Saturday, August 30, 2003

A socio-political commentary on Hindi

" Take a Hindiwallah who insists on his right to use Hindi. Once I was at a film symposium and there were people from both North and South India. The language they were speaking was a kind of mix of Hindi and English. And we were rubbing along with some understanding and some loss. Then one of the local Hindi patrakars stood up and began to make a speech about how his rights were being denied and so on. He wanted to speak in Hindi and his entire expectation was that he would be denied that right; he would be told: you can't because there are people present from elsewhere. As it happened, I was chairing that session and I said: please speak in Hindi. He had nothing to say and kept quiet after that. All he wished to do was to insist on his right to speak in Hindi. So there is a further problem of what you are going to say in the language once it is granted to you. That problem has not been addressed simply because the Hindiwallah has invented an enemy who holds him back. He is always shadow-fighting with this guy who has denied him the right to speak."

यह टिप्पणी इलॅक्ट्रानिक माध्यमों के सम्बन्ध में और भी जायज़ है। कोई किसी को हिन्दी का इस्तेमाल करने से रोक नहीं रहा, आपकी जैसे इच्छा हो वैसे लेखन और पाठन कर सकते हैं। टी वी पर तो हिन्दी के चॅनलों ने बाज़ी मार ही ली है, अब बारी है जाल की।

Friday, August 22, 2003

Oxford Chacha's mast chaap
(The Times of India)

"'Chacha's mast chaap made me very positive about desh as I gave my naam into the videshi nivas'. Cross my heart, that's English as the modern linguistic 'natak' goes, even though it may not be quite the language Shakespeare used and recognised.

The Oxford Dictionary of English's updated 353,000-word listing, published on Thursday incorporates a further 37 Indian imports and a huge number of West Indian pronounciation-blunders into the world's fastest-growing, most widely-spoken tongue.

From today, it's fine for Indians to not know the English equivalent of chit-fund, udyog, murgh, history-sheeter and chawal.

'Hell, why should they,' laughs British Asian linguistics student Ramesh Panwal. 'Don't find out what a chowki is called in English - it is English. Dhoti is English. So is vaid, tal, namak, palak and so on'."

Saturday, August 16, 2003

Business Standard .. Angrezi nahin, Hindi chalega:
NDTV Media’s Nayak, however, feels that a comparison between English and Hindi news channels is odious. “It’s like comparing apples with oranges. Do you ever compare HBO with Zee Cinema,” he asks.

Besides, he feels that language makes all the difference as the television market for the two languages are distinct. Unequal comparisons notwithstading, the question is: is there a market for English news channels in India?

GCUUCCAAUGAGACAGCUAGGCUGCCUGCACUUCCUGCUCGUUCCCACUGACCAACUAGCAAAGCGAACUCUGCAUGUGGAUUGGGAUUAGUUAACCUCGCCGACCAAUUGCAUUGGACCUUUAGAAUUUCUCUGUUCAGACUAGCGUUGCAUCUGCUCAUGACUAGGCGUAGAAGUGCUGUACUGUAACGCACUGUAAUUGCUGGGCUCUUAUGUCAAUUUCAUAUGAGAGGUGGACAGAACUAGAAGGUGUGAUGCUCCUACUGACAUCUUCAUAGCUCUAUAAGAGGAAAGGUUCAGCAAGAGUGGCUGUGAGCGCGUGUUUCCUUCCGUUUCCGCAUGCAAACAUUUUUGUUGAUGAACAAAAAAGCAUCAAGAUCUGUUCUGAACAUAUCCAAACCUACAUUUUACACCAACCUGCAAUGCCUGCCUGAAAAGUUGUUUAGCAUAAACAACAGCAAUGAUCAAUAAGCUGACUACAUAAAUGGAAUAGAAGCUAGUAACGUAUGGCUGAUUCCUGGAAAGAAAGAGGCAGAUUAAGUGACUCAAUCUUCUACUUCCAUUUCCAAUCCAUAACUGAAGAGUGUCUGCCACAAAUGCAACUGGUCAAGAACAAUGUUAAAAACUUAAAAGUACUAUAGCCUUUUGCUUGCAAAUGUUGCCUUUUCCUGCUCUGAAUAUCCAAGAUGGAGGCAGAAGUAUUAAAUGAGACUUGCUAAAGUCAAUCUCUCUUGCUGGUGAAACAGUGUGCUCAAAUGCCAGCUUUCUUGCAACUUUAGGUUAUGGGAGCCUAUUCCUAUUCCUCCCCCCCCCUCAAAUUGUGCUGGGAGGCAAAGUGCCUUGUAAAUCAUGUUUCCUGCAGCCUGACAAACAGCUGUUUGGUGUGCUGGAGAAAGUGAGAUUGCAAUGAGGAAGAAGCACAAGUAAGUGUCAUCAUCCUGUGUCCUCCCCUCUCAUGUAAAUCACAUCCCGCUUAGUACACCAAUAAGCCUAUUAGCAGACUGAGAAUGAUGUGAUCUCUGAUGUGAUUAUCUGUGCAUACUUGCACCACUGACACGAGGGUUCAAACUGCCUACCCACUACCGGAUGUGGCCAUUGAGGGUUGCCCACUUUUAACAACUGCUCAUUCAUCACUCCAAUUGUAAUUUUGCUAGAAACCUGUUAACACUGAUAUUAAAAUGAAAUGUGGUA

TV Today’s Krishnan thinks so. “There’s a large English-speaking segment that is keen to update itself on world affairs,” he says.

However, media planners say that despite the tall claims made by broadcasting companies about the market size of English news viewers, the two new entrants have performed below expectations. They even point out the reasons for the poor show.

For starters, media independent Carat India’s chief executive officer Sulina Menon says, Hindi news channels offer high production quality which hasn’t allowed viewers to shift to English news.

“We notice that even high net worth individuals in the socio-economic category A watch these news channels,” says Menon. Besides, within Hindi, there are at least five channels to choose from, she adds.

Monday, August 11, 2003

English Hindi Dictionary - Unicode Display:

"This online interface to English Hindi dictionary for Unicode display is based on the dictionaries in ISCII made available under GPL License by the LTRC Group of IIIT Hyderabad. "

Thursday, August 07, 2003

Borrowed words and pronunciation:
By Rajeev Srinivasan (

"For those of us who are challenged in Arabic and Persian, like me, there may be some hope: I read recently of an Urdu-Hindi dictionary. I hope Hindis use this to replace Arabic/Persian words with perfectly good Sanskrit-derived ones, which we poor Southerners can also understand. For instance, I think prem would be a fine substitute for ishq. After glancing at Hindi film posters for years, I still have no idea what qayamat means. I should buy that dictionary."

Wednesday, August 06, 2003

NewsForge: Linux now in Hindi and other Indian languages:

"Linux For You, Asia's first Linux magazine, has launched a multilingual version of Linux from India - For You (LiFY). It now supports all major Indian languages including Bengali, Gujarati, Hindi, Kannada, Gurmukhi, Tamil, Malayalam and Telugu. It is totally free for any personal and business use. It is developed at LFY Labs, New Delhi.

Speaking on the launch, Mr. Rahul Chopra, Editor, Linux For You said: 'The support of all major Indian languages in LiFY will make it a universal choice for all Indians, all across the country. Till now, the basic language for computing was English. Now Indians will be able to user their own languages in computers using LiFY."

Tuesday, August 05, 2003

छहारी नेपाली / देवनागरी टाईपराइटर